Add electronic health records to the critical weapons health professionals have against the flu, as 48 states currently deal with widespread flu activity and the U.S. Centers for Disease Control and Prevention (CDC) reports at least 30 pediatric deaths so far. At least half of those children had not received a flu shot, according to CDC Director Thomas Frieden.
A CDC report from September 2012 found that about 128 million people, or about 42 percent of the U.S. population, got the flu shot during the 2011-2012 season, which started later and proved milder than the one we’re in now. That number has been holding steady for several years, but is below the CDC’s goal of 80 percent of the U.S. population receiving a flu shot.
Kaiser Permanente in Northern California, however, has seen a 6 percent increase in its two-million plus members getting the 2012-2013 flu shot over previous years, for which it gives credit to HealthConnect, the largest civilian health record data base in the United States. Randy Bergen, MD, the vaccine lead at Kaiser in Northern California, says the system lets Kaiser Staff “proactively reach out to all its members and even identify those at greatest risk from contracting the flu [which includes children, the elderly and people with chronic diseases] to give them an extra nudge.”
New York Declares Public Health Emergency for Flu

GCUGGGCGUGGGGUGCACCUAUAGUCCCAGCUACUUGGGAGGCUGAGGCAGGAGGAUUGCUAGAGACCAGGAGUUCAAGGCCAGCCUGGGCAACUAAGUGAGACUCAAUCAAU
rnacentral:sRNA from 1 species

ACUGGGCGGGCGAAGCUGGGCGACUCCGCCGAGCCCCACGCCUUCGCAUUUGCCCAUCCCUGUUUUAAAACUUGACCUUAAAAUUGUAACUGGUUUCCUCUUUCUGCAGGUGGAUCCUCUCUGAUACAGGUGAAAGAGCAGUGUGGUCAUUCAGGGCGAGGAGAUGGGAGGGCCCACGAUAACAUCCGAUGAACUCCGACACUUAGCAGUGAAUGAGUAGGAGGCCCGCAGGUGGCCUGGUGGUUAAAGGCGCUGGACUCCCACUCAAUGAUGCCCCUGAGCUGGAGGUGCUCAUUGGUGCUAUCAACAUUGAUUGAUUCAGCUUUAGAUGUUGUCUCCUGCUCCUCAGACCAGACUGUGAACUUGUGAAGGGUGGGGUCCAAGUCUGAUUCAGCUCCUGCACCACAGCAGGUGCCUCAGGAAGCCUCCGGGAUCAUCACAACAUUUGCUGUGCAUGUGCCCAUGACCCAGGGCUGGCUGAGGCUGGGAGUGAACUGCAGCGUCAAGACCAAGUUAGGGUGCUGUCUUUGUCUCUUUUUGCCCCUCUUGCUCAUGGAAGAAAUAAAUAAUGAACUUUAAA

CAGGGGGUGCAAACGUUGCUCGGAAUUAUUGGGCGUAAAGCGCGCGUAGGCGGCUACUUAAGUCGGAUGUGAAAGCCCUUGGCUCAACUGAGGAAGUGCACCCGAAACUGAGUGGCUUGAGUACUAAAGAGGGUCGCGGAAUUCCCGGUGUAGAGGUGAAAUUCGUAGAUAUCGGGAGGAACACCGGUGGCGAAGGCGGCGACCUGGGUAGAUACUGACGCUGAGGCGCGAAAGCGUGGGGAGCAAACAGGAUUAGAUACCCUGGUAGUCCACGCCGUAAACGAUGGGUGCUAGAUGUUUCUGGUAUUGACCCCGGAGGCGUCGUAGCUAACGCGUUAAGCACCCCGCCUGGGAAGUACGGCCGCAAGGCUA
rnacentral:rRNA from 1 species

The state of New York has declared a public health emergency due to the increasingly severe flu season, which has reached epidemic levels. The declaration allows pharmacists to administer flu vaccinations to patients between six months and 18 years of age and suspends for the next 30 days the state’s law that limits the authority of pharmacists to administer vaccinations only to people 18 and older. "We are experiencing the worst flu season since at least 2009, and influenza activity in New York state is widespread, with cases reported in all 57 counties and all five boroughs of New York City," said Governor Andrew Cuomo, according to Reuters. According to the U.S. Centers for Disease Control and Prevention, nine of the ten regions of the United States have “elevated” flu activity. Last week the city of Boston, Ma., declared a public health emergency in response to the flu. Read more on influenza.
High Noise Levels in Sports Stadiums Hurts Workers, Spectators